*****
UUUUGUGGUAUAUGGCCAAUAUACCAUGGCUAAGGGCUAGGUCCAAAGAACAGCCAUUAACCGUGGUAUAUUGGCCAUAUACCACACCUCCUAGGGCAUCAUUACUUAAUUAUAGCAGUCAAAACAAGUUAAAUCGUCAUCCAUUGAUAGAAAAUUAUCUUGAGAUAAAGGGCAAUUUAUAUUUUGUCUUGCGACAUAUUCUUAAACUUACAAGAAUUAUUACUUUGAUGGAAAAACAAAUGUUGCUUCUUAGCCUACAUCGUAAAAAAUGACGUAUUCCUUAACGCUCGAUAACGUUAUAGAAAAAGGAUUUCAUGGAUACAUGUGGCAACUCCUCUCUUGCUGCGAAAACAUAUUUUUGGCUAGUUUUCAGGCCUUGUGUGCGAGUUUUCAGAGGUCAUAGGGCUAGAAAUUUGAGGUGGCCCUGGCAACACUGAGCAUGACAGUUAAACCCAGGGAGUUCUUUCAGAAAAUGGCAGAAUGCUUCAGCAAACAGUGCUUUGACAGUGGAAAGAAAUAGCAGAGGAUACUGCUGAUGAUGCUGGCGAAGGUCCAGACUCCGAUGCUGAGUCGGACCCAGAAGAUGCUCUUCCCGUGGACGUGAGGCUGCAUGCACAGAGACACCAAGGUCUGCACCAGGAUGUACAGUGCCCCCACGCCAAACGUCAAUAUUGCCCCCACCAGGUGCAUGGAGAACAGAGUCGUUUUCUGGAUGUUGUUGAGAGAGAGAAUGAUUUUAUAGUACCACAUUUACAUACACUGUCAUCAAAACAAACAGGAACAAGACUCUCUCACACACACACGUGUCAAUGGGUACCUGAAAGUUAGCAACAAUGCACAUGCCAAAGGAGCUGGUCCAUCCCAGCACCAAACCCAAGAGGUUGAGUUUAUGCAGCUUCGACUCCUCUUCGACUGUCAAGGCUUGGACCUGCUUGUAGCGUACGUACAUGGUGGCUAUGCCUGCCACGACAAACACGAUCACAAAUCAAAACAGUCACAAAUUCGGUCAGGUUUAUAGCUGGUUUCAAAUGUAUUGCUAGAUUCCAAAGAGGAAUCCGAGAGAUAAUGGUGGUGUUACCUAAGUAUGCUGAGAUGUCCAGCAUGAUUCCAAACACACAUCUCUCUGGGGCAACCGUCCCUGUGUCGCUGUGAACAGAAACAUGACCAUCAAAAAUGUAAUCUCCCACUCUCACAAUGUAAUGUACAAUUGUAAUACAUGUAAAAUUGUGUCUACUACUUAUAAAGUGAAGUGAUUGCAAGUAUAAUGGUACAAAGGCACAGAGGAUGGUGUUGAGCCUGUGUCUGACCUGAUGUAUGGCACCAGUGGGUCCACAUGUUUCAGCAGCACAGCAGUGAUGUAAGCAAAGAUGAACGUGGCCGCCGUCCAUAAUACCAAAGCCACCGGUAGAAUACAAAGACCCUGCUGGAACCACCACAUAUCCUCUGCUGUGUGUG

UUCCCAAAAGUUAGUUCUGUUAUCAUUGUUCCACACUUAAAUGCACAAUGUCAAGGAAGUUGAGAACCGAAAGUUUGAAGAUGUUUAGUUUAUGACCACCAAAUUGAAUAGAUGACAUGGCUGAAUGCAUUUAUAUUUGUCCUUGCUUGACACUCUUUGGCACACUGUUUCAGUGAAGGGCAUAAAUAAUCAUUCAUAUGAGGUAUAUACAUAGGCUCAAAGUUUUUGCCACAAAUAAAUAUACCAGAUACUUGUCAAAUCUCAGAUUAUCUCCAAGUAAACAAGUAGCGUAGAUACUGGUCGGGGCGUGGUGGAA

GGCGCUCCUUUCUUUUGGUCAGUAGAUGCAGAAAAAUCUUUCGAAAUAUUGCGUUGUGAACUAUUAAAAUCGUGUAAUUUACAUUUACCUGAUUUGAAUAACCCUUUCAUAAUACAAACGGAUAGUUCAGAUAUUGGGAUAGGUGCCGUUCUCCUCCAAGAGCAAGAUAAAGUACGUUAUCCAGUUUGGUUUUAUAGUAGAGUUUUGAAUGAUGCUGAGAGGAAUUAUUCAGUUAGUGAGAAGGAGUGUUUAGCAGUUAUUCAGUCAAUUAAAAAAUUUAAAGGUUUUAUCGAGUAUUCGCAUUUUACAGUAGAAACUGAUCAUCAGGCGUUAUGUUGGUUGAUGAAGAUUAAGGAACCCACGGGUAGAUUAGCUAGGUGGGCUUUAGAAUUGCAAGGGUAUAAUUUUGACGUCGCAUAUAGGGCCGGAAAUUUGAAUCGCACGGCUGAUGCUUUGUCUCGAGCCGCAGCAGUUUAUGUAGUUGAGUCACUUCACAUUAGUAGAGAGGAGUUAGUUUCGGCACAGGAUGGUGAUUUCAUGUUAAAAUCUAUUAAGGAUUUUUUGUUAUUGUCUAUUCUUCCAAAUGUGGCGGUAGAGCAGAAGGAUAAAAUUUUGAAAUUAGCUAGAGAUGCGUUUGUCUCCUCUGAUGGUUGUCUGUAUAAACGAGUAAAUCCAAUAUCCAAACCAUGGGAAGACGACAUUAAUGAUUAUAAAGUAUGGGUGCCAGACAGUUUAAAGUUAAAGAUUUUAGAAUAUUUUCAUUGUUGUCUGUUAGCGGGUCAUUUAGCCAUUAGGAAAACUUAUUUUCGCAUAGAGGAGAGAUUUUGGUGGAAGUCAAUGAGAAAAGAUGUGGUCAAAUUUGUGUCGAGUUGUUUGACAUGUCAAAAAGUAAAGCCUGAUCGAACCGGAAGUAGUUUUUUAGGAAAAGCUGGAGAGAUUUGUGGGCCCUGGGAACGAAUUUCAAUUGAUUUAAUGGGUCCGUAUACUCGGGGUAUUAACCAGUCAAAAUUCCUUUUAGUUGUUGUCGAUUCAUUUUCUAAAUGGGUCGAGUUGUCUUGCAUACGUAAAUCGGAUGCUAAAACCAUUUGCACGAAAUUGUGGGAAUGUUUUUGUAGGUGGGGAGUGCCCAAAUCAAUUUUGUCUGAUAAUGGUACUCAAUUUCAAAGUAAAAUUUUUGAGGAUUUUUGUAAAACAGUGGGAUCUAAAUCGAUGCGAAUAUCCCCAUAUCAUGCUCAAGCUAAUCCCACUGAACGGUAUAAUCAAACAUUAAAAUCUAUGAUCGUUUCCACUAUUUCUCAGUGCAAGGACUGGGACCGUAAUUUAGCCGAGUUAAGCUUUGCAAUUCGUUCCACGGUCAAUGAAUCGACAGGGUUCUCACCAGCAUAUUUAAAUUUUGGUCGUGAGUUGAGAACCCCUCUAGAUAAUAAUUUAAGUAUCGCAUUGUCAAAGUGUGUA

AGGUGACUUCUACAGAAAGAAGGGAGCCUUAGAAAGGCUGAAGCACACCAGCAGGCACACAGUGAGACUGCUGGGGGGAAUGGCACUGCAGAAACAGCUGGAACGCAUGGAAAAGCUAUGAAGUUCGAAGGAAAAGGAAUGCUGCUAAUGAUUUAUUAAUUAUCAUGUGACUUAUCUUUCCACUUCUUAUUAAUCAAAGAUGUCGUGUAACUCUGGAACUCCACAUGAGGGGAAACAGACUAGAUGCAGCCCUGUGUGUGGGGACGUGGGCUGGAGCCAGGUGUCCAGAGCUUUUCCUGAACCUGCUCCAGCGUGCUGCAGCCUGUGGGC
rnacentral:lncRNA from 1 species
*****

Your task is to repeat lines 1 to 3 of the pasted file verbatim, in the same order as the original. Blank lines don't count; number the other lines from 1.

UUUUGUGGUAUAUGGCCAAUAUACCAUGGCUAAGGGCUAGGUCCAAAGAACAGCCAUUAACCGUGGUAUAUUGGCCAUAUACCACACCUCCUAGGGCAUCAUUACUUAAUUAUAGCAGUCAAAACAAGUUAAAUCGUCAUCCAUUGAUAGAAAAUUAUCUUGAGAUAAAGGGCAAUUUAUAUUUUGUCUUGCGACAUAUUCUUAAACUUACAAGAAUUAUUACUUUGAUGGAAAAACAAAUGUUGCUUCUUAGCCUACAUCGUAAAAAAUGACGUAUUCCUUAACGCUCGAUAACGUUAUAGAAAAAGGAUUUCAUGGAUACAUGUGGCAACUCCUCUCUUGCUGCGAAAACAUAUUUUUGGCUAGUUUUCAGGCCUUGUGUGCGAGUUUUCAGAGGUCAUAGGGCUAGAAAUUUGAGGUGGCCCUGGCAACACUGAGCAUGACAGUUAAACCCAGGGAGUUCUUUCAGAAAAUGGCAGAAUGCUUCAGCAAACAGUGCUUUGACAGUGGAAAGAAAUAGCAGAGGAUACUGCUGAUGAUGCUGGCGAAGGUCCAGACUCCGAUGCUGAGUCGGACCCAGAAGAUGCUCUUCCCGUGGACGUGAGGCUGCAUGCACAGAGACACCAAGGUCUGCACCAGGAUGUACAGUGCCCCCACGCCAAACGUCAAUAUUGCCCCCACCAGGUGCAUGGAGAACAGAGUCGUUUUCUGGAUGUUGUUGAGAGAGAGAAUGAUUUUAUAGUACCACAUUUACAUACACUGUCAUCAAAACAAACAGGAACAAGACUCUCUCACACACACACGUGUCAAUGGGUACCUGAAAGUUAGCAACAAUGCACAUGCCAAAGGAGCUGGUCCAUCCCAGCACCAAACCCAAGAGGUUGAGUUUAUGCAGCUUCGACUCCUCUUCGACUGUCAAGGCUUGGACCUGCUUGUAGCGUACGUACAUGGUGGCUAUGCCUGCCACGACAAACACGAUCACAAAUCAAAACAGUCACAAAUUCGGUCAGGUUUAUAGCUGGUUUCAAAUGUAUUGCUAGAUUCCAAAGAGGAAUCCGAGAGAUAAUGGUGGUGUUACCUAAGUAUGCUGAGAUGUCCAGCAUGAUUCCAAACACACAUCUCUCUGGGGCAACCGUCCCUGUGUCGCUGUGAACAGAAACAUGACCAUCAAAAAUGUAAUCUCCCACUCUCACAAUGUAAUGUACAAUUGUAAUACAUGUAAAAUUGUGUCUACUACUUAUAAAGUGAAGUGAUUGCAAGUAUAAUGGUACAAAGGCACAGAGGAUGGUGUUGAGCCUGUGUCUGACCUGAUGUAUGGCACCAGUGGGUCCACAUGUUUCAGCAGCACAGCAGUGAUGUAAGCAAAGAUGAACGUGGCCGCCGUCCAUAAUACCAAAGCCACCGGUAGAAUACAAAGACCCUGCUGGAACCACCACAUAUCCUCUGCUGUGUGUG

UUCCCAAAAGUUAGUUCUGUUAUCAUUGUUCCACACUUAAAUGCACAAUGUCAAGGAAGUUGAGAACCGAAAGUUUGAAGAUGUUUAGUUUAUGACCACCAAAUUGAAUAGAUGACAUGGCUGAAUGCAUUUAUAUUUGUCCUUGCUUGACACUCUUUGGCACACUGUUUCAGUGAAGGGCAUAAAUAAUCAUUCAUAUGAGGUAUAUACAUAGGCUCAAAGUUUUUGCCACAAAUAAAUAUACCAGAUACUUGUCAAAUCUCAGAUUAUCUCCAAGUAAACAAGUAGCGUAGAUACUGGUCGGGGCGUGGUGGAA

GGCGCUCCUUUCUUUUGGUCAGUAGAUGCAGAAAAAUCUUUCGAAAUAUUGCGUUGUGAACUAUUAAAAUCGUGUAAUUUACAUUUACCUGAUUUGAAUAACCCUUUCAUAAUACAAACGGAUAGUUCAGAUAUUGGGAUAGGUGCCGUUCUCCUCCAAGAGCAAGAUAAAGUACGUUAUCCAGUUUGGUUUUAUAGUAGAGUUUUGAAUGAUGCUGAGAGGAAUUAUUCAGUUAGUGAGAAGGAGUGUUUAGCAGUUAUUCAGUCAAUUAAAAAAUUUAAAGGUUUUAUCGAGUAUUCGCAUUUUACAGUAGAAACUGAUCAUCAGGCGUUAUGUUGGUUGAUGAAGAUUAAGGAACCCACGGGUAGAUUAGCUAGGUGGGCUUUAGAAUUGCAAGGGUAUAAUUUUGACGUCGCAUAUAGGGCCGGAAAUUUGAAUCGCACGGCUGAUGCUUUGUCUCGAGCCGCAGCAGUUUAUGUAGUUGAGUCACUUCACAUUAGUAGAGAGGAGUUAGUUUCGGCACAGGAUGGUGAUUUCAUGUUAAAAUCUAUUAAGGAUUUUUUGUUAUUGUCUAUUCUUCCAAAUGUGGCGGUAGAGCAGAAGGAUAAAAUUUUGAAAUUAGCUAGAGAUGCGUUUGUCUCCUCUGAUGGUUGUCUGUAUAAACGAGUAAAUCCAAUAUCCAAACCAUGGGAAGACGACAUUAAUGAUUAUAAAGUAUGGGUGCCAGACAGUUUAAAGUUAAAGAUUUUAGAAUAUUUUCAUUGUUGUCUGUUAGCGGGUCAUUUAGCCAUUAGGAAAACUUAUUUUCGCAUAGAGGAGAGAUUUUGGUGGAAGUCAAUGAGAAAAGAUGUGGUCAAAUUUGUGUCGAGUUGUUUGACAUGUCAAAAAGUAAAGCCUGAUCGAACCGGAAGUAGUUUUUUAGGAAAAGCUGGAGAGAUUUGUGGGCCCUGGGAACGAAUUUCAAUUGAUUUAAUGGGUCCGUAUACUCGGGGUAUUAACCAGUCAAAAUUCCUUUUAGUUGUUGUCGAUUCAUUUUCUAAAUGGGUCGAGUUGUCUUGCAUACGUAAAUCGGAUGCUAAAACCAUUUGCACGAAAUUGUGGGAAUGUUUUUGUAGGUGGGGAGUGCCCAAAUCAAUUUUGUCUGAUAAUGGUACUCAAUUUCAAAGUAAAAUUUUUGAGGAUUUUUGUAAAACAGUGGGAUCUAAAUCGAUGCGAAUAUCCCCAUAUCAUGCUCAAGCUAAUCCCACUGAACGGUAUAAUCAAACAUUAAAAUCUAUGAUCGUUUCCACUAUUUCUCAGUGCAAGGACUGGGACCGUAAUUUAGCCGAGUUAAGCUUUGCAAUUCGUUCCACGGUCAAUGAAUCGACAGGGUUCUCACCAGCAUAUUUAAAUUUUGGUCGUGAGUUGAGAACCCCUCUAGAUAAUAAUUUAAGUAUCGCAUUGUCAAAGUGUGUA